Wednesday, 27 July 2016

I spy Asta… S1 (1913)

“The happiness of the country, It is the happiness of all.”

Thanks to those wondrous folks at the European Film Gateway, we are able to view one of The Asta Nielsen Series of films made in Germany by Asta and her director husband Urban Gad; this one from the third annual series, one of seven made in 1913/14 and released just after Die Suffragette (1913).

“The famous Danish actress… enjoys unchallenged popularity. Her acting, the vivid expression of her gestures, have earned her the honorary title of a ‘Duse* of cinematic art’…” raved Union-Theater-Zeitung about this “fully acclimated Berliner” in 1912. It’s easy to see why she was a sensation in the World’s third largest cinema market.

Asta Nielsen
The story is slight and lacking in dramatic pace but Asta’s acting overcomes it all in a series of virtual tableaux in which she shows her mastery of delicate, natural expression. Asta goofs around with her girlfriends, cigarette in mouth as she messes up daddy’s secret papers, exchanges secret glances with her beau and messes around on the beach just like you or I. There had probably never been a beach frolic quite like it up to this point – Asta’s dressed in practical light clothing anyway and rolls her bloomers up to allow most of her legs to paddle – we never saw that much of Lilian’s limbs of Pickford’s pins.

Out on a limb
In every scene Asta’s thinking and moving as if the entire exercise was just to enable her expression.  This film has just about the least happening of any film I’ve seen her in from 1910-1913 but she fills the gaps in dramatic tension with emotional improvisations.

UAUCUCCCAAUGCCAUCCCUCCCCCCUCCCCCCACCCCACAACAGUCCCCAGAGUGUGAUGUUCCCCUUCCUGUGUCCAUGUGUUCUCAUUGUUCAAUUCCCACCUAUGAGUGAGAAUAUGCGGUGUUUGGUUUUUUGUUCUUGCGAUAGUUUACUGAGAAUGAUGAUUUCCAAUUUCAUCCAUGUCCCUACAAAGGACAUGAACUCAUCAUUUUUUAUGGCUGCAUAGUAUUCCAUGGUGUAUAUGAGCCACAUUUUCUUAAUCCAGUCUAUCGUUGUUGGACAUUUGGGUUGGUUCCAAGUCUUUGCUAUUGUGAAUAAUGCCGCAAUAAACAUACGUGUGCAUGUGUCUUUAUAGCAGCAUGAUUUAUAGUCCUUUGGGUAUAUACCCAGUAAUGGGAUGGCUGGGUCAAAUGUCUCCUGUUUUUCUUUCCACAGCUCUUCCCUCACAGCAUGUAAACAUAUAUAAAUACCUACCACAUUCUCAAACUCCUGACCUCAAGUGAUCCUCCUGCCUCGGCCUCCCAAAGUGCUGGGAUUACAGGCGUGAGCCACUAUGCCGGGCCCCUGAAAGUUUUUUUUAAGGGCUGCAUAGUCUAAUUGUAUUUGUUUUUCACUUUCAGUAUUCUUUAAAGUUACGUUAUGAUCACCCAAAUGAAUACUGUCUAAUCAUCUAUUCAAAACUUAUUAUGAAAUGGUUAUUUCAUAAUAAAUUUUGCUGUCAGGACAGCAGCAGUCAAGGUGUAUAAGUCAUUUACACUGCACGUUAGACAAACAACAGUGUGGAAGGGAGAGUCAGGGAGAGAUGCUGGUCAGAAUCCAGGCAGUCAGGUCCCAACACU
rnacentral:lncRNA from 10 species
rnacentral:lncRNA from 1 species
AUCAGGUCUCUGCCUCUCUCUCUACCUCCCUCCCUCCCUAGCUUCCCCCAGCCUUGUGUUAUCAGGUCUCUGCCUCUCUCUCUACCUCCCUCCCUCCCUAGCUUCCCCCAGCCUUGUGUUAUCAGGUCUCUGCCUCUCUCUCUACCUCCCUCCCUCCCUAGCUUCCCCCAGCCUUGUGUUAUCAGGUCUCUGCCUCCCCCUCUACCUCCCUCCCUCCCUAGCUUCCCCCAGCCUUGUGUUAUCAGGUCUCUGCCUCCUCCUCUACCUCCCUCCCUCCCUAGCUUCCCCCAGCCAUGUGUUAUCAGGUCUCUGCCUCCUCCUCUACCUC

Asta Nielsen is an extraordinary figure and in more ways than one… and no, there’s not a hint of Sid James in that observation. Asta confounded even future director Carl Theodore Dreyer with her willowy frame and slight physique, writing under the pseudonym Tommen in a 1913 review he decried her “…terribly unfortunate features. She is lanky … flat-chested and with no calves to speak of. But what does Asta Nielsen-Gad do? She is determined… to reveal her scrawniness.”  Young Carl’s protests to one side, Asta’s form found considerable favour in Denmark and beyond: something new.

The new look
Asta was the precursor of slimmer, smarter, leading ladies who would not only act well but lead their audience towards a future less-constrained by smothering fashion and manners. What we see in 1913 is a flaming youth and an “it” girl far from lost even after the box is flung open.

As Karl Bleibtreu, amongst the first film reviewers in the German speaking countries noted: “In every moment The Nielsen is the life, the nature, in every of her aspects she is real truth.” He thought she was better than Elenora Duse too… and he didn’t think her “scrawny” at least, I shouldn’t expect so.

At the airfield
Asta plays Gertrud von Hessendorf, daughter of General Hessendorf (Siegwart Gruder) who is charged with procuring new aircraft for the military. The two travel to Copenhagen to take a test flight in a giant airship – thrillingly, Asta is in the air for a few seconds although she is soon climbing out of the ship…